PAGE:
This blog is for everyone who uses words.

The ordinary-sized words are for everyone, but the big ones are especially for children.

Monday, 28 October 2013

Spot the frippet: jugum.

You don't know what a jugum is???

Good heavens. Why, I've known about juga for least five and a half seconds.

Although a jugum sounds like a sweet made for Alice while in  Wonderland, in fact there are juga all over the place. You'll probably be close to some every day unless you live somewhere extremely cold and eat only very plain food.

A jugum can be one of the ridges found on the seeds of umbelliferous plants.

File:130 Heracleum Sphondylium L.jpg
That's hogweed. (An umbelliferous plant is one that has that sort of cow parsley/Queen Anne's lace type flower.) Sorry the labels are in French.

And if it's not the season for flowers where you are then not to worry because the kitchen cupboard may well provide a glimpse of juga.

Fennel seeds. Caraway, celery and dill are umbelliferous plants, too, so their seeds should display juga.

A jugum can also be a pair of opposite leaflets:

Blechnum appendiculatum

As if that's not enough for one small word to do, jugum also describes the mechanism some moths use to fix their fore and hind wings together when they want to fly, and a fold in the membrane at the base of a beetle's wing.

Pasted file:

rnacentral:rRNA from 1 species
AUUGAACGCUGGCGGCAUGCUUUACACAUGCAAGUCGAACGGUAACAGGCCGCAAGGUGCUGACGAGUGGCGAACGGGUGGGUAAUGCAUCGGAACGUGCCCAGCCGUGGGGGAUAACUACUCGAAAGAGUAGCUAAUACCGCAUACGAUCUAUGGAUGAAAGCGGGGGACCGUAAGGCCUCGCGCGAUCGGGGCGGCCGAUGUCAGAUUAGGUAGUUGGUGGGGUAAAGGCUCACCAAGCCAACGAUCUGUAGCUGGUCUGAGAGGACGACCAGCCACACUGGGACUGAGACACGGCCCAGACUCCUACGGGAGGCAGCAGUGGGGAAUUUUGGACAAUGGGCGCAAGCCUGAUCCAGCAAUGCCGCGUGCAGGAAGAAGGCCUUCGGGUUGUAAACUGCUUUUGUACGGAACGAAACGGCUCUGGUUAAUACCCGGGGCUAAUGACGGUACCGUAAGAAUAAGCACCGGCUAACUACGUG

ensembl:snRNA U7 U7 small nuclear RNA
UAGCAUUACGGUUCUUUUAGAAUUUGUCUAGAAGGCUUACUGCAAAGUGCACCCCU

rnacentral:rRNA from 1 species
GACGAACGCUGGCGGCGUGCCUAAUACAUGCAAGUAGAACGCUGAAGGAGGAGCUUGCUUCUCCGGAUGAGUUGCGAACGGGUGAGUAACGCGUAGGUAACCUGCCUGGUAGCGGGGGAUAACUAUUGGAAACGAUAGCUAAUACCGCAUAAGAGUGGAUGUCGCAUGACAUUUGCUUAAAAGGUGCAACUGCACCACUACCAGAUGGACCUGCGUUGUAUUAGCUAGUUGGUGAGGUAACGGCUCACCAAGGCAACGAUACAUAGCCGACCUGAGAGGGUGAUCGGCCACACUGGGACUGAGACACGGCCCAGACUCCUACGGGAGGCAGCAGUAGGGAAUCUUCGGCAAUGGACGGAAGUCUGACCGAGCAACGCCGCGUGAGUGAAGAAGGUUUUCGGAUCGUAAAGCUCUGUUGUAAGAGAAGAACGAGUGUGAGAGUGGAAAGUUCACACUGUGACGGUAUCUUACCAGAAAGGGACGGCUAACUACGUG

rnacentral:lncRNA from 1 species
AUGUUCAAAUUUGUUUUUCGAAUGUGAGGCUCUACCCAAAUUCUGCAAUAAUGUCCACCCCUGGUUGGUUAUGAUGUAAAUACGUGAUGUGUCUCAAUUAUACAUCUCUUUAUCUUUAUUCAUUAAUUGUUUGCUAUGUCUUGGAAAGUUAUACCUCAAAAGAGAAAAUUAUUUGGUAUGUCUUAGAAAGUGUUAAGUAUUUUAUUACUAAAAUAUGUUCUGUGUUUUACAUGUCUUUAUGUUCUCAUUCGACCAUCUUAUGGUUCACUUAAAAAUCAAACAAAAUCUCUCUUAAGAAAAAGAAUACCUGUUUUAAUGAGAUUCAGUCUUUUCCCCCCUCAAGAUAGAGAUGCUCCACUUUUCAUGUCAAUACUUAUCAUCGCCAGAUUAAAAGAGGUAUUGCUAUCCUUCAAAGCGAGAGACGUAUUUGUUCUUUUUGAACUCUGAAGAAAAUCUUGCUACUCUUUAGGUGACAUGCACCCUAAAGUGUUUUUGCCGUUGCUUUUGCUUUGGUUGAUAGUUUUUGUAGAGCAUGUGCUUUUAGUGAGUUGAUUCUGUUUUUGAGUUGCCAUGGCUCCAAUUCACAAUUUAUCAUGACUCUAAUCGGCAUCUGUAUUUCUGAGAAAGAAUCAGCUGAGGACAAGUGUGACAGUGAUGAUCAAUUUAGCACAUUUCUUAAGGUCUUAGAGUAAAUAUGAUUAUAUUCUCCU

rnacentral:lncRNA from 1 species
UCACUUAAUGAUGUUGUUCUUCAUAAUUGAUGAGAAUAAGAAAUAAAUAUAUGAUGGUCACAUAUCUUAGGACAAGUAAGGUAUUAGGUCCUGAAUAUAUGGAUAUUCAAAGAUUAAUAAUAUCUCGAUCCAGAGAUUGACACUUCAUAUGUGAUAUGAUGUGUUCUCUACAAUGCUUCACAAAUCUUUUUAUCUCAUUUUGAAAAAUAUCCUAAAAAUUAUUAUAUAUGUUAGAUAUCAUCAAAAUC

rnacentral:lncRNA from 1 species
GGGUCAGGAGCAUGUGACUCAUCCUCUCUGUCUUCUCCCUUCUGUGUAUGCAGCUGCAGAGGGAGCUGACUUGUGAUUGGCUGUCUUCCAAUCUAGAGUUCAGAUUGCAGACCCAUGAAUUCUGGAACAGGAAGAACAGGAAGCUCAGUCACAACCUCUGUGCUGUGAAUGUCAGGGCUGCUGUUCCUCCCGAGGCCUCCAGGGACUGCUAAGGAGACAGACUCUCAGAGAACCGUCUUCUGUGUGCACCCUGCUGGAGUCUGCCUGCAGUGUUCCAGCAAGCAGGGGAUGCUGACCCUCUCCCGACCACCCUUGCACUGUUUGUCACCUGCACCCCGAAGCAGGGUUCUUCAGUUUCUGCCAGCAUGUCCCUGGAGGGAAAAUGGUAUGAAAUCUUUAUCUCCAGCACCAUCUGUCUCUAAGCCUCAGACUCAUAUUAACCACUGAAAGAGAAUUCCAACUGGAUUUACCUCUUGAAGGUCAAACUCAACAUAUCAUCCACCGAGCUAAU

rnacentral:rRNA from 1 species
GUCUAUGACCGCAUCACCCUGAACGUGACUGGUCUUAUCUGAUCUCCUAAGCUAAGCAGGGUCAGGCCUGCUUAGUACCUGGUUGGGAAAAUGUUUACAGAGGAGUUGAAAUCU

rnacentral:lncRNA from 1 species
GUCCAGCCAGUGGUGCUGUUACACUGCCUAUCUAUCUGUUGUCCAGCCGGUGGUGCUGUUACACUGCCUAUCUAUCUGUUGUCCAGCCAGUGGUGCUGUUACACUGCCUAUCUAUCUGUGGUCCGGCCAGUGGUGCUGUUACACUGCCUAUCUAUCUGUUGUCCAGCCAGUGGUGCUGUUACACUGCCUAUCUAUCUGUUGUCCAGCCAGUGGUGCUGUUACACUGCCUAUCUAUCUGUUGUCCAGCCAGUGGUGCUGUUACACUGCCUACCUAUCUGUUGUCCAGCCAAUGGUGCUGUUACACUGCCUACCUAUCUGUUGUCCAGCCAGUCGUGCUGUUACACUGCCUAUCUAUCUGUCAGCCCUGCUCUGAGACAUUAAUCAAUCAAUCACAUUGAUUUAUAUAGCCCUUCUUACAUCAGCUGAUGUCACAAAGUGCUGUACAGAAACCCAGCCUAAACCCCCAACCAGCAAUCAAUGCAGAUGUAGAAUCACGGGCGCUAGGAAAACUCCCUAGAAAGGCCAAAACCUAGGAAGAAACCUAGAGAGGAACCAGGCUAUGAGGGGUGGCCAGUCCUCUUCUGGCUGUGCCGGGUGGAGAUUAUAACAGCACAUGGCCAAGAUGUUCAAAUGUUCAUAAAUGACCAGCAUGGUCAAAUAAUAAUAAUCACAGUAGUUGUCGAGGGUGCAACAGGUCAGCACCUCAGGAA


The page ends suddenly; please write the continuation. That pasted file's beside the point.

Juga, juga, everywhere.

It really makes the world an even more wonderful place once you know.

Doesn't it?

Spot the frippet: jugum. This word is the Latin word for yoke.


  1. Had to look up umbelliferous, very nice. Introduced to the giant Hogweed by Genesis, which lead me to believe it was a more frightening form of Triffid, quite disappointed by the real thing in Kew.

    1. Welcome to The Word Den, and thanks very much for commenting, Unknown.
      It must come from writing fantasy, but I read what you'd written as Giant Hogweed to start with, and got quite excited.
      But I know just what you mean. I felt much the same way when I discovered that sea horses were too small to ride on.